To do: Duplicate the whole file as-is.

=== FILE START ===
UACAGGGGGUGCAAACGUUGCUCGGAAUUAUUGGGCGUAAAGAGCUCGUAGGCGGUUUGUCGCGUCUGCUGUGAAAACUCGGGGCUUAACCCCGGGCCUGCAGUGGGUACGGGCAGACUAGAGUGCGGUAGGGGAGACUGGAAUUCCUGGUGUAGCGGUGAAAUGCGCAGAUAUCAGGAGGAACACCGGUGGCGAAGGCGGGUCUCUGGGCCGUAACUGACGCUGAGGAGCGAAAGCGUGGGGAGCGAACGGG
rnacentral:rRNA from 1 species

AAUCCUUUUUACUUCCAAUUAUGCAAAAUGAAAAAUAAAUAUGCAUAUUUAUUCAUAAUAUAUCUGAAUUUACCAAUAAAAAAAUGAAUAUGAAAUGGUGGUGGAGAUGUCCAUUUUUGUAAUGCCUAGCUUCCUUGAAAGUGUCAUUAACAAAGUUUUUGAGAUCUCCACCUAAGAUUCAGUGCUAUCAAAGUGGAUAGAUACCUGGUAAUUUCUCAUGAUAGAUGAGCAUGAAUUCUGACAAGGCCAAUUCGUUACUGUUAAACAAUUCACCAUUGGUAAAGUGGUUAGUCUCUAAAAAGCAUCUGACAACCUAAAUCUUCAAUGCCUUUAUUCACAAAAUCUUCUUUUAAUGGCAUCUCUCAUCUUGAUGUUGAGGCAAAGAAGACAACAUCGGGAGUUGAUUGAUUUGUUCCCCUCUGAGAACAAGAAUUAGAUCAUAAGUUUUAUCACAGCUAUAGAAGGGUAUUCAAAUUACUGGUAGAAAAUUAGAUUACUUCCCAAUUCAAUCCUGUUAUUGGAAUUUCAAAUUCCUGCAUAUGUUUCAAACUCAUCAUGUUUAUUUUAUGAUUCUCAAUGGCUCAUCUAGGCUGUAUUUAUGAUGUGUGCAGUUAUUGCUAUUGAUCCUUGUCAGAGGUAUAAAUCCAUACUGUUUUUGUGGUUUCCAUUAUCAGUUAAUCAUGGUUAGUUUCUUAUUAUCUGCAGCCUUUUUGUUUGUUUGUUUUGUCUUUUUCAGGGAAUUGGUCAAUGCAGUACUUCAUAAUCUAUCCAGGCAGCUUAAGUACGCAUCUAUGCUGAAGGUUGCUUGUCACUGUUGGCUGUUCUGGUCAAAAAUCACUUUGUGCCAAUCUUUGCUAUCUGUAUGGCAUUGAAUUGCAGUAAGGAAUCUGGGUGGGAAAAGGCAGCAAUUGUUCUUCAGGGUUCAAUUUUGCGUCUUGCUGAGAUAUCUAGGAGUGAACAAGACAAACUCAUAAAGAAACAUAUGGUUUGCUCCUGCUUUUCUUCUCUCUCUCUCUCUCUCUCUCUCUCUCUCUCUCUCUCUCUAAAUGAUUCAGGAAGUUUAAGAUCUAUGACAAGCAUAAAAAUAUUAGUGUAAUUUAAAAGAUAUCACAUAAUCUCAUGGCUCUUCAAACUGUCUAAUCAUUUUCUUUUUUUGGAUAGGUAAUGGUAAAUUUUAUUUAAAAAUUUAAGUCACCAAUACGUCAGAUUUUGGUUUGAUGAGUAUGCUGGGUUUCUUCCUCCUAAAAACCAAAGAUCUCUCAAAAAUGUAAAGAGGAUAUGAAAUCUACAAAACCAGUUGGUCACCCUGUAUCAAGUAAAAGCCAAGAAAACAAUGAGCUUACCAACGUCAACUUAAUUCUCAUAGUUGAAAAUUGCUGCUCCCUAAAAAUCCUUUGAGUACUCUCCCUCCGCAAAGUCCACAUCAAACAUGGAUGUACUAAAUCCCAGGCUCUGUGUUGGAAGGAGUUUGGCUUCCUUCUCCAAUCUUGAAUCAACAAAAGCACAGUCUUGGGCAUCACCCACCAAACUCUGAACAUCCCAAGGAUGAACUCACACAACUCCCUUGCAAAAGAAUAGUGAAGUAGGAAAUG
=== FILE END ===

UACAGGGGGUGCAAACGUUGCUCGGAAUUAUUGGGCGUAAAGAGCUCGUAGGCGGUUUGUCGCGUCUGCUGUGAAAACUCGGGGCUUAACCCCGGGCCUGCAGUGGGUACGGGCAGACUAGAGUGCGGUAGGGGAGACUGGAAUUCCUGGUGUAGCGGUGAAAUGCGCAGAUAUCAGGAGGAACACCGGUGGCGAAGGCGGGUCUCUGGGCCGUAACUGACGCUGAGGAGCGAAAGCGUGGGGAGCGAACGGG
rnacentral:rRNA from 1 species

AAUCCUUUUUACUUCCAAUUAUGCAAAAUGAAAAAUAAAUAUGCAUAUUUAUUCAUAAUAUAUCUGAAUUUACCAAUAAAAAAAUGAAUAUGAAAUGGUGGUGGAGAUGUCCAUUUUUGUAAUGCCUAGCUUCCUUGAAAGUGUCAUUAACAAAGUUUUUGAGAUCUCCACCUAAGAUUCAGUGCUAUCAAAGUGGAUAGAUACCUGGUAAUUUCUCAUGAUAGAUGAGCAUGAAUUCUGACAAGGCCAAUUCGUUACUGUUAAACAAUUCACCAUUGGUAAAGUGGUUAGUCUCUAAAAAGCAUCUGACAACCUAAAUCUUCAAUGCCUUUAUUCACAAAAUCUUCUUUUAAUGGCAUCUCUCAUCUUGAUGUUGAGGCAAAGAAGACAACAUCGGGAGUUGAUUGAUUUGUUCCCCUCUGAGAACAAGAAUUAGAUCAUAAGUUUUAUCACAGCUAUAGAAGGGUAUUCAAAUUACUGGUAGAAAAUUAGAUUACUUCCCAAUUCAAUCCUGUUAUUGGAAUUUCAAAUUCCUGCAUAUGUUUCAAACUCAUCAUGUUUAUUUUAUGAUUCUCAAUGGCUCAUCUAGGCUGUAUUUAUGAUGUGUGCAGUUAUUGCUAUUGAUCCUUGUCAGAGGUAUAAAUCCAUACUGUUUUUGUGGUUUCCAUUAUCAGUUAAUCAUGGUUAGUUUCUUAUUAUCUGCAGCCUUUUUGUUUGUUUGUUUUGUCUUUUUCAGGGAAUUGGUCAAUGCAGUACUUCAUAAUCUAUCCAGGCAGCUUAAGUACGCAUCUAUGCUGAAGGUUGCUUGUCACUGUUGGCUGUUCUGGUCAAAAAUCACUUUGUGCCAAUCUUUGCUAUCUGUAUGGCAUUGAAUUGCAGUAAGGAAUCUGGGUGGGAAAAGGCAGCAAUUGUUCUUCAGGGUUCAAUUUUGCGUCUUGCUGAGAUAUCUAGGAGUGAACAAGACAAACUCAUAAAGAAACAUAUGGUUUGCUCCUGCUUUUCUUCUCUCUCUCUCUCUCUCUCUCUCUCUCUCUCUCUCUCUCUAAAUGAUUCAGGAAGUUUAAGAUCUAUGACAAGCAUAAAAAUAUUAGUGUAAUUUAAAAGAUAUCACAUAAUCUCAUGGCUCUUCAAACUGUCUAAUCAUUUUCUUUUUUUGGAUAGGUAAUGGUAAAUUUUAUUUAAAAAUUUAAGUCACCAAUACGUCAGAUUUUGGUUUGAUGAGUAUGCUGGGUUUCUUCCUCCUAAAAACCAAAGAUCUCUCAAAAAUGUAAAGAGGAUAUGAAAUCUACAAAACCAGUUGGUCACCCUGUAUCAAGUAAAAGCCAAGAAAACAAUGAGCUUACCAACGUCAACUUAAUUCUCAUAGUUGAAAAUUGCUGCUCCCUAAAAAUCCUUUGAGUACUCUCCCUCCGCAAAGUCCACAUCAAACAUGGAUGUACUAAAUCCCAGGCUCUGUGUUGGAAGGAGUUUGGCUUCCUUCUCCAAUCUUGAAUCAACAAAAGCACAGUCUUGGGCAUCACCCACCAAACUCUGAACAUCCCAAGGAUGAACUCACACAACUCCCUUGCAAAAGAAUAGUGAAGUAGGAAAUG